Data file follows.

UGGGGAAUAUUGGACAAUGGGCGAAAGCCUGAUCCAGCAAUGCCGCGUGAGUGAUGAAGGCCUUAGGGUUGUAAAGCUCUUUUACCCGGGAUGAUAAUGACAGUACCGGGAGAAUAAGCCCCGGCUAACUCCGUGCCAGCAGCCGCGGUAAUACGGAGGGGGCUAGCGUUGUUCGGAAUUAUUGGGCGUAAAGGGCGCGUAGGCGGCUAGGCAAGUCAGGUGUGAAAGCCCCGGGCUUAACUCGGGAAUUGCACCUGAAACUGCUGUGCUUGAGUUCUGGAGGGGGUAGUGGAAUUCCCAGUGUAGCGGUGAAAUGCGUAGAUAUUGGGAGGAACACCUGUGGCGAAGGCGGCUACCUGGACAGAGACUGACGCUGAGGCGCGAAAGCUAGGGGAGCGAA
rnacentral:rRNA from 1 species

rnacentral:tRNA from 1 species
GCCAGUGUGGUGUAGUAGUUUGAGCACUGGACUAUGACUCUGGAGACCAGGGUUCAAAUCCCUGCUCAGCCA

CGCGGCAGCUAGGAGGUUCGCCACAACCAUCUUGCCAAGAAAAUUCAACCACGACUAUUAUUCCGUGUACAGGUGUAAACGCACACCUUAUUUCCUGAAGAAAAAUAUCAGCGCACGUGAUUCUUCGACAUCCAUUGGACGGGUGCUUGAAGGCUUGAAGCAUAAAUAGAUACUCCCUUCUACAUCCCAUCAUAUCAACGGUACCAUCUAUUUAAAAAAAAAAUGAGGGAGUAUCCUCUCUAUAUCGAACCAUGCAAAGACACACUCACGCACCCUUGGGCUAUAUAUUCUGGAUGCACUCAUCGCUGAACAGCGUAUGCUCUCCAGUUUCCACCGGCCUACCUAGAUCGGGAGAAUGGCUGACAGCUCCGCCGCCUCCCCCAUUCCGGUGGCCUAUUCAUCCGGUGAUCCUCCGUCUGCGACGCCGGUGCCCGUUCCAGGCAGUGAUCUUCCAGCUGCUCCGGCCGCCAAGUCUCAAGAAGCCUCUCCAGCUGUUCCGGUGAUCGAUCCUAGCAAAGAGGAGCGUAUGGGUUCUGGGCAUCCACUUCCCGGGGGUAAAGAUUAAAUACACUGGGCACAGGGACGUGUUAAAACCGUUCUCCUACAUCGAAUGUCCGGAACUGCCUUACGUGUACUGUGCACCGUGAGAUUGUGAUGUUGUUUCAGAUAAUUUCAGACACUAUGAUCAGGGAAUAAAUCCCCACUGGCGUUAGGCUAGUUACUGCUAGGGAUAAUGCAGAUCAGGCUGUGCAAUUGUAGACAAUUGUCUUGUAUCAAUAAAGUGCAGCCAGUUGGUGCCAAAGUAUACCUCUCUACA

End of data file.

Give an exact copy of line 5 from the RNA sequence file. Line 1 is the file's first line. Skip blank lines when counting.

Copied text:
CGCGGCAGCUAGGAGGUUCGCCACAACCAUCUUGCCAAGAAAAUUCAACCACGACUAUUAUUCCGUGUACAGGUGUAAACGCACACCUUAUUUCCUGAAGAAAAAUAUCAGCGCACGUGAUUCUUCGACAUCCAUUGGACGGGUGCUUGAAGGCUUGAAGCAUAAAUAGAUACUCCCUUCUACAUCCCAUCAUAUCAACGGUACCAUCUAUUUAAAAAAAAAAUGAGGGAGUAUCCUCUCUAUAUCGAACCAUGCAAAGACACACUCACGCACCCUUGGGCUAUAUAUUCUGGAUGCACUCAUCGCUGAACAGCGUAUGCUCUCCAGUUUCCACCGGCCUACCUAGAUCGGGAGAAUGGCUGACAGCUCCGCCGCCUCCCCCAUUCCGGUGGCCUAUUCAUCCGGUGAUCCUCCGUCUGCGACGCCGGUGCCCGUUCCAGGCAGUGAUCUUCCAGCUGCUCCGGCCGCCAAGUCUCAAGAAGCCUCUCCAGCUGUUCCGGUGAUCGAUCCUAGCAAAGAGGAGCGUAUGGGUUCUGGGCAUCCACUUCCCGGGGGUAAAGAUUAAAUACACUGGGCACAGGGACGUGUUAAAACCGUUCUCCUACAUCGAAUGUCCGGAACUGCCUUACGUGUACUGUGCACCGUGAGAUUGUGAUGUUGUUUCAGAUAAUUUCAGACACUAUGAUCAGGGAAUAAAUCCCCACUGGCGUUAGGCUAGUUACUGCUAGGGAUAAUGCAGAUCAGGCUGUGCAAUUGUAGACAAUUGUCUUGUAUCAAUAAAGUGCAGCCAGUUGGUGCCAAAGUAUACCUCUCUACA